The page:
The United Nations says the pro-Russian separatists's rebellion in eastern Ukraine has involved killings, torture and abductions to instill a "climate of fear."

U.N. Human Rights official Gianni Magazzeni said the situation has created challenges for those caught up in the fighting.

"This has to so with access to public services whether it is schools, medical services, whether it is food, whether it is electricity, water," said Magazzeni. "But it is also a question of a total breakdown in law and order, the inability to get protection when it comes to ill treatment, detention, abductions and possible also torture and executions that are, and we are reporting, are taking place in this pocket areas in the East in the course of the past month."

U.N. human rights chief Navi Pillay urged armed separatists to stop actions she says are leading to misery and destruction in the Donetsk and Luhansk regions. She said "the time has come to put down the guns and talk."

OSCE monitors in contact

According to news reports by Reuters, a spokesperson for the Organization for Security and Cooperation in Europe, a security-oriented intergovernmental human rights and arms control agency, says it has reestablished communication with two teams of international monitors deployed in Eastern Ukraine.

"We know that the first ones, the ones that were taken longer ago are alive and unharmed," the spokesman told the news agency.

 

  • Pro-Russian troops prepare to travel in a tank on a road near the town of Yanakiyevo, Donetsk region, eastern Ukraine, June 20, 2014.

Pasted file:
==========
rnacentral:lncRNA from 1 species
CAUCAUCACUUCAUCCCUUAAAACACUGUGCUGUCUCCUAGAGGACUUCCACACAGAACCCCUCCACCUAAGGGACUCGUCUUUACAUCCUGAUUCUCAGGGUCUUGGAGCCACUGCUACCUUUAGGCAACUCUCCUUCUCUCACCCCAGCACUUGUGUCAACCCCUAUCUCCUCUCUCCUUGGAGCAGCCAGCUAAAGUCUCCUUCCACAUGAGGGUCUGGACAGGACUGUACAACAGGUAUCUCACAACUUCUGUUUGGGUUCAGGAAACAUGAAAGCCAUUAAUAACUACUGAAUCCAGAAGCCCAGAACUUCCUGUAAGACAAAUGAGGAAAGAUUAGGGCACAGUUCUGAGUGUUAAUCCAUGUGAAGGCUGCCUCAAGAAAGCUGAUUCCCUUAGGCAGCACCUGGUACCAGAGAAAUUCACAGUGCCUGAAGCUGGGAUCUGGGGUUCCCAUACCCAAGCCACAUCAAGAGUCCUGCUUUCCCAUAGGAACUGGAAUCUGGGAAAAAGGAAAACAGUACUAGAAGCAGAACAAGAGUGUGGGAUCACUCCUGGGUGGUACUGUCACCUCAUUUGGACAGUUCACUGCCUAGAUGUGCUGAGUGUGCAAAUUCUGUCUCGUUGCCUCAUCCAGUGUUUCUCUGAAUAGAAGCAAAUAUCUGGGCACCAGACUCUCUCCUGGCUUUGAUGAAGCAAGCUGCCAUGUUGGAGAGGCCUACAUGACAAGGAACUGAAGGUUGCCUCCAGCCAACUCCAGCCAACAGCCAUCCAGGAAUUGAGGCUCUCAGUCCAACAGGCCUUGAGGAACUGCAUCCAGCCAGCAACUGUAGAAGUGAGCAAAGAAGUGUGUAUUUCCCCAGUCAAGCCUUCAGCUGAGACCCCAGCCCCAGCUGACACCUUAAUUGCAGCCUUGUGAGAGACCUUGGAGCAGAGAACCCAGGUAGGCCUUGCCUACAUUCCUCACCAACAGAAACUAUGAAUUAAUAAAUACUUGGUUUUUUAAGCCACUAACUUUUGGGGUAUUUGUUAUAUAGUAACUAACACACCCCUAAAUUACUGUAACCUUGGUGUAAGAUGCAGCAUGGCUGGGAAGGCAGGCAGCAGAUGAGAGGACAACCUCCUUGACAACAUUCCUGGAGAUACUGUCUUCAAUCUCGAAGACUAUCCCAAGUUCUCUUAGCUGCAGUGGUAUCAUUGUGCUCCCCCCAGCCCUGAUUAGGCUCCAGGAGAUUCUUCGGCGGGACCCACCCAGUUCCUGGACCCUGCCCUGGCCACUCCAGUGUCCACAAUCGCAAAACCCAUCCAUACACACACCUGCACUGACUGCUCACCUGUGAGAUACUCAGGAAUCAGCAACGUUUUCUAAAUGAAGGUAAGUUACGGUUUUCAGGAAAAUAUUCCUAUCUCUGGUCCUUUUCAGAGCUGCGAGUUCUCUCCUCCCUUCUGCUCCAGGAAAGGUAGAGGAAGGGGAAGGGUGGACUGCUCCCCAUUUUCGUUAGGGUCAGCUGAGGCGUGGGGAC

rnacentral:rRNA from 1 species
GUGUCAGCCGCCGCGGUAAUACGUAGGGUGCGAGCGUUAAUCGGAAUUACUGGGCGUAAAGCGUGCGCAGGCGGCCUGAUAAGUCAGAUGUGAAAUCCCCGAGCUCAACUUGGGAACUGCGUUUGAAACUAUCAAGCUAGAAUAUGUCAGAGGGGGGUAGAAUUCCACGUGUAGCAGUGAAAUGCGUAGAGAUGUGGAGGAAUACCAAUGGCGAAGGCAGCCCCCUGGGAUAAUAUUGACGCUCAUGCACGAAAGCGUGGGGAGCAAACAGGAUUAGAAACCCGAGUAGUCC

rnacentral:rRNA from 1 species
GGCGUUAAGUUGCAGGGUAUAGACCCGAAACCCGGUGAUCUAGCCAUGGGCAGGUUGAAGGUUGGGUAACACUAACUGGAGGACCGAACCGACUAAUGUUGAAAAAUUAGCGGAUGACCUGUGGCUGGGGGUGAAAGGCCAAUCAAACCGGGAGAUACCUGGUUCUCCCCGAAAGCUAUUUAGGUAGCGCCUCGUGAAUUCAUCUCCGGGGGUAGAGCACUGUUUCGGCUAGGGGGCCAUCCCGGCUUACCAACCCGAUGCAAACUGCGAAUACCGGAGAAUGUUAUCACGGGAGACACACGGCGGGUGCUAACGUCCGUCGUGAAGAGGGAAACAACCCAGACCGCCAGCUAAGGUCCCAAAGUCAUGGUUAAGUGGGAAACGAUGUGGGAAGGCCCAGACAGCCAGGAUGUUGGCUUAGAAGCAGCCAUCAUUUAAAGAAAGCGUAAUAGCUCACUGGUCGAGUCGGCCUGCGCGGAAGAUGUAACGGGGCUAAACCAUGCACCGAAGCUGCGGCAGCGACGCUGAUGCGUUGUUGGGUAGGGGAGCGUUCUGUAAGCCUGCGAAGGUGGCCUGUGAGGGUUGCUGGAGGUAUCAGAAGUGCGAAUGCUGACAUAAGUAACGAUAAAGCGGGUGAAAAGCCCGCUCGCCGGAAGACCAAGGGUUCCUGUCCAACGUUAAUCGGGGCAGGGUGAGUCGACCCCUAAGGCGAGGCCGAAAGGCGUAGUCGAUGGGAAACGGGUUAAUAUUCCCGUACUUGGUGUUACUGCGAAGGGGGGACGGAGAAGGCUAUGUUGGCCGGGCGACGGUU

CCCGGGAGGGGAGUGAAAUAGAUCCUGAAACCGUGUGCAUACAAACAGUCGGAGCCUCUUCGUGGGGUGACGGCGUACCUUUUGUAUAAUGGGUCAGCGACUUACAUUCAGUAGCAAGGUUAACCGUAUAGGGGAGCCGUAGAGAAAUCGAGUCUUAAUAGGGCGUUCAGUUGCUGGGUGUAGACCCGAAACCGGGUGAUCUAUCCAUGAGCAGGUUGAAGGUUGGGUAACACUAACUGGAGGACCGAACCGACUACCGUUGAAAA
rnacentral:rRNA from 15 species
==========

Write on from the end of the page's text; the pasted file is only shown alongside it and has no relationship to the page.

• People carry their belongings as they walk to cross the border into Russia at the Ukrainian-Russian border checkpoint in Izvaryne, eastern Ukraine, June 20, 2014.
  • A man examines a destroyed building after fighting between Ukrainian and pro-Russian fighters in the city of Artyomovsk, Donetsk region, eastern Ukraine, June 20, 2014.
  • Pro-Russian fighters wave a white flag to start a handover of the bodies of Ukrainian troops killed in a plane shot down near Luhansk, at a check point in the village of Karlivka near Donetsk, eastern Ukraine, June 18, 2014.
  • Pro-Russian fighters wait for representatives of the Ukrainian troops at a checkpoint in the village of Karlivka for the handover of the bodies of Ukrainian troops who died in a plane shot down near Luhansk, Ukraine, June 18, 2014.
  • Pro-Russian separatists stand guard at a check-point as a car drives past outside Luhansk, Ukraine, June 18, 2014.
  • Miners, one of them carrying a sign with the name of the mine Trudovskaya, march in support of peace in Donetsk, eastern Ukraine, June 18, 2014.
  • Residents collect water at a pumping station in the eastern Ukranian city of Slovyansk, June 17, 2014.